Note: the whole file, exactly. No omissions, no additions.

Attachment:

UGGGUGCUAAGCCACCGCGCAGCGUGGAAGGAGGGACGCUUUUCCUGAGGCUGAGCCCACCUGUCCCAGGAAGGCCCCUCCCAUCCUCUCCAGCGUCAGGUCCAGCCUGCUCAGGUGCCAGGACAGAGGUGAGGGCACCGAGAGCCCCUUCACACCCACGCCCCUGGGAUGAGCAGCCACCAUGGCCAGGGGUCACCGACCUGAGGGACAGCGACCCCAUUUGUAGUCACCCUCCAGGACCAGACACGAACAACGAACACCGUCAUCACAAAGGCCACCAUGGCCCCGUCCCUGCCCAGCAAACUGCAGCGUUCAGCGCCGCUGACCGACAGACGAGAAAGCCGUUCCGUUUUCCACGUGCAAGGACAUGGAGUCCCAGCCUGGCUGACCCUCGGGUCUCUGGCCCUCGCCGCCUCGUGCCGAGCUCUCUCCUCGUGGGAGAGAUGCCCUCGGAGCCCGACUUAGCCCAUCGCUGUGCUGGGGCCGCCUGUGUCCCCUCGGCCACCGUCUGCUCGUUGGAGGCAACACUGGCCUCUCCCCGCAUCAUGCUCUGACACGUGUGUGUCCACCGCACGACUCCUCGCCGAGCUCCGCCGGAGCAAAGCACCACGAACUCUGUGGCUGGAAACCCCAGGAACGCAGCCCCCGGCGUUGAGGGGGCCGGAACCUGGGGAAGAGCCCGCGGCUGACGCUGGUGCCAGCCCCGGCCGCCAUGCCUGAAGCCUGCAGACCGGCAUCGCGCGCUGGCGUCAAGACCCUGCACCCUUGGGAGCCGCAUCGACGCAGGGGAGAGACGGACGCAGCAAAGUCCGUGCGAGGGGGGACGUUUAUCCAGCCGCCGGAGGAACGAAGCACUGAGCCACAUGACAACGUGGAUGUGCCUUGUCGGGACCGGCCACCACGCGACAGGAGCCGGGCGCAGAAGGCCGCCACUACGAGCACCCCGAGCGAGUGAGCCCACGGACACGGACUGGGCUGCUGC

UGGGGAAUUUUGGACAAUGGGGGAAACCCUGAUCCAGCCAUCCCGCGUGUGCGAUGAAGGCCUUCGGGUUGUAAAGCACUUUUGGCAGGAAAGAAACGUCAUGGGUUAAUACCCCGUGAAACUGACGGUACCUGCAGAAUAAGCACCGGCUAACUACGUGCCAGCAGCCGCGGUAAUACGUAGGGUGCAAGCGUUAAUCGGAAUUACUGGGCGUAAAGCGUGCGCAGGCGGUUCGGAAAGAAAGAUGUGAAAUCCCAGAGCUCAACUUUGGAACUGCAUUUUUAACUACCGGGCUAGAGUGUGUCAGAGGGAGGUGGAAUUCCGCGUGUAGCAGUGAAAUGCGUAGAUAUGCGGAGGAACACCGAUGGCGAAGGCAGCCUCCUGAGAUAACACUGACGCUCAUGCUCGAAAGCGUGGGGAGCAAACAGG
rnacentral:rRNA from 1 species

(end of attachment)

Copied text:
UGGGUGCUAAGCCACCGCGCAGCGUGGAAGGAGGGACGCUUUUCCUGAGGCUGAGCCCACCUGUCCCAGGAAGGCCCCUCCCAUCCUCUCCAGCGUCAGGUCCAGCCUGCUCAGGUGCCAGGACAGAGGUGAGGGCACCGAGAGCCCCUUCACACCCACGCCCCUGGGAUGAGCAGCCACCAUGGCCAGGGGUCACCGACCUGAGGGACAGCGACCCCAUUUGUAGUCACCCUCCAGGACCAGACACGAACAACGAACACCGUCAUCACAAAGGCCACCAUGGCCCCGUCCCUGCCCAGCAAACUGCAGCGUUCAGCGCCGCUGACCGACAGACGAGAAAGCCGUUCCGUUUUCCACGUGCAAGGACAUGGAGUCCCAGCCUGGCUGACCCUCGGGUCUCUGGCCCUCGCCGCCUCGUGCCGAGCUCUCUCCUCGUGGGAGAGAUGCCCUCGGAGCCCGACUUAGCCCAUCGCUGUGCUGGGGCCGCCUGUGUCCCCUCGGCCACCGUCUGCUCGUUGGAGGCAACACUGGCCUCUCCCCGCAUCAUGCUCUGACACGUGUGUGUCCACCGCACGACUCCUCGCCGAGCUCCGCCGGAGCAAAGCACCACGAACUCUGUGGCUGGAAACCCCAGGAACGCAGCCCCCGGCGUUGAGGGGGCCGGAACCUGGGGAAGAGCCCGCGGCUGACGCUGGUGCCAGCCCCGGCCGCCAUGCCUGAAGCCUGCAGACCGGCAUCGCGCGCUGGCGUCAAGACCCUGCACCCUUGGGAGCCGCAUCGACGCAGGGGAGAGACGGACGCAGCAAAGUCCGUGCGAGGGGGGACGUUUAUCCAGCCGCCGGAGGAACGAAGCACUGAGCCACAUGACAACGUGGAUGUGCCUUGUCGGGACCGGCCACCACGCGACAGGAGCCGGGCGCAGAAGGCCGCCACUACGAGCACCCCGAGCGAGUGAGCCCACGGACACGGACUGGGCUGCUGC

UGGGGAAUUUUGGACAAUGGGGGAAACCCUGAUCCAGCCAUCCCGCGUGUGCGAUGAAGGCCUUCGGGUUGUAAAGCACUUUUGGCAGGAAAGAAACGUCAUGGGUUAAUACCCCGUGAAACUGACGGUACCUGCAGAAUAAGCACCGGCUAACUACGUGCCAGCAGCCGCGGUAAUACGUAGGGUGCAAGCGUUAAUCGGAAUUACUGGGCGUAAAGCGUGCGCAGGCGGUUCGGAAAGAAAGAUGUGAAAUCCCAGAGCUCAACUUUGGAACUGCAUUUUUAACUACCGGGCUAGAGUGUGUCAGAGGGAGGUGGAAUUCCGCGUGUAGCAGUGAAAUGCGUAGAUAUGCGGAGGAACACCGAUGGCGAAGGCAGCCUCCUGAGAUAACACUGACGCUCAUGCUCGAAAGCGUGGGGAGCAAACAGG
rnacentral:rRNA from 1 species